Is there a clearer picture than that?

Fascism is what we face. I know these liberals don’t like to hear it, because they don’t know what fascism is and therefore accuse everything they don’t like of being fascism, and it doesn’t help that fascism isn’t really clearly defined, but…

It’s basically a socialist government where the state is supreme. It wasn’t terribly long ago that I saw some idiot write an article where he specifically stated that Hitler wasn’t a socialist. No, I’m not kidding. It was some idiot at Ranker. At least the fools who say “Democratic socialism is totally different from national socialism” aren’t so deluded, ignorant, and misinformed that they don’t think Hitler and the National Socialist party weren’t socialists.

The ties between socialism and fascism are so obvious that they’re frequently call the same thing. Indeed–they are one and the same in practice, for a fascist government must be a socialist one (“Everything in the state”), and a socialist one must be a fascist one (since economics, as Thomas Paine wrote, “…when considered as the fruit of many years’ industry, as the reward of labor, sweat and toil, as the widow’s dowry and children’s portion, and as the means of procuring the necessaries and alleviating the afflictions of life, and making old age a scene of rest, has something in it sacred that is not to be sported with, or trusted to the airy bubble of paper currency,” is the result of day-to-day life, control of the economy becomes, by extension, control of everyday life).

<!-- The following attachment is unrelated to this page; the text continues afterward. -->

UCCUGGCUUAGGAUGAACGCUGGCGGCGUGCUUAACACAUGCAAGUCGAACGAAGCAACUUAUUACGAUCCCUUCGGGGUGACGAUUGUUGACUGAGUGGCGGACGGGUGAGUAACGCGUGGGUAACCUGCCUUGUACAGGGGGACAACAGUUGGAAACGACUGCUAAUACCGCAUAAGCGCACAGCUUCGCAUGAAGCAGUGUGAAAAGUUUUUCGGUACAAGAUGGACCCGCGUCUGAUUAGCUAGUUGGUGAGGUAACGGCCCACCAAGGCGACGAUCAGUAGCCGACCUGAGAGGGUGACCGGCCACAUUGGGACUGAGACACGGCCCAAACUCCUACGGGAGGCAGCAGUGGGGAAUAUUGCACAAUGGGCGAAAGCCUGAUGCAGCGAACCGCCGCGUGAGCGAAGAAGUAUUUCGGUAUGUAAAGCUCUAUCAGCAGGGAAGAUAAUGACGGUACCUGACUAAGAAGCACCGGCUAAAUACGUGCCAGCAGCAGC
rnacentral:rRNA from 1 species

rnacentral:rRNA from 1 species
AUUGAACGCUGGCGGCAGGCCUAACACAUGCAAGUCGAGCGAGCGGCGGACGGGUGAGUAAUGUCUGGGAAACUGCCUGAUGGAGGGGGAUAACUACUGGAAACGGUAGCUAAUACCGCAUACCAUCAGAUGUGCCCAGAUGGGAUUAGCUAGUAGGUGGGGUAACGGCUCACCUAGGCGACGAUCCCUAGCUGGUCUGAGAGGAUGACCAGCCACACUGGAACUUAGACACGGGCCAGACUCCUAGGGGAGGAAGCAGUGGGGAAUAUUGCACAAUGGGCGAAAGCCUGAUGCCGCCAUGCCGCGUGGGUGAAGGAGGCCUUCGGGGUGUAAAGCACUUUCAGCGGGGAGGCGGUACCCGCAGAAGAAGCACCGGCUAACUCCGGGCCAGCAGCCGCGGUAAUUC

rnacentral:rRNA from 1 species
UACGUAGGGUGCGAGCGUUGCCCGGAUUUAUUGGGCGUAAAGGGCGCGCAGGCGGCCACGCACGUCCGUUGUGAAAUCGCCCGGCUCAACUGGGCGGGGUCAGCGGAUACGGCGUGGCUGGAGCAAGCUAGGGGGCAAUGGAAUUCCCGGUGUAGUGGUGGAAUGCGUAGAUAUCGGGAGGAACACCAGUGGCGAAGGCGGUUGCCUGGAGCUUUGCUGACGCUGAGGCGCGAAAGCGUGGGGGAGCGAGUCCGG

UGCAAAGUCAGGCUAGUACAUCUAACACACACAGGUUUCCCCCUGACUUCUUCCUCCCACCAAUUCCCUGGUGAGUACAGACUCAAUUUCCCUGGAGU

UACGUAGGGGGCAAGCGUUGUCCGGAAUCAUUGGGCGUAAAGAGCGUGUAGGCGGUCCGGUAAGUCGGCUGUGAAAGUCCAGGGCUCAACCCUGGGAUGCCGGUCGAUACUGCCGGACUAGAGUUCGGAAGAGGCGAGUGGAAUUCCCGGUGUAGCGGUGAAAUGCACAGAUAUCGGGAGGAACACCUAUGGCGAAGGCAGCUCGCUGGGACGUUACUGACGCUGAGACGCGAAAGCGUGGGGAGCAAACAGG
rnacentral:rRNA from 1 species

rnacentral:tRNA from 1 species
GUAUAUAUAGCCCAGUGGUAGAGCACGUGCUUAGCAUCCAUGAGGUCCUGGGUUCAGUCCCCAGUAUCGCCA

economy2Then we have on the other side modern populism.

There is a devout nationalist tendency among the modern populists, which is a clear antagonist of the neo-liberals’ preference for globalism and a worldwide state. Except it’s not nationalistic in the classic sense–for the most part, the modern nationalists don’t want to dominate other countries and subjugate them as the 20th century nationalists did. Modern nationalists stand somewhere between non-interventionism and limited interventionism–they are okay with war, but only insofar as they are confused about what precipitated those wars. In the case of American wars, of course, America caused them.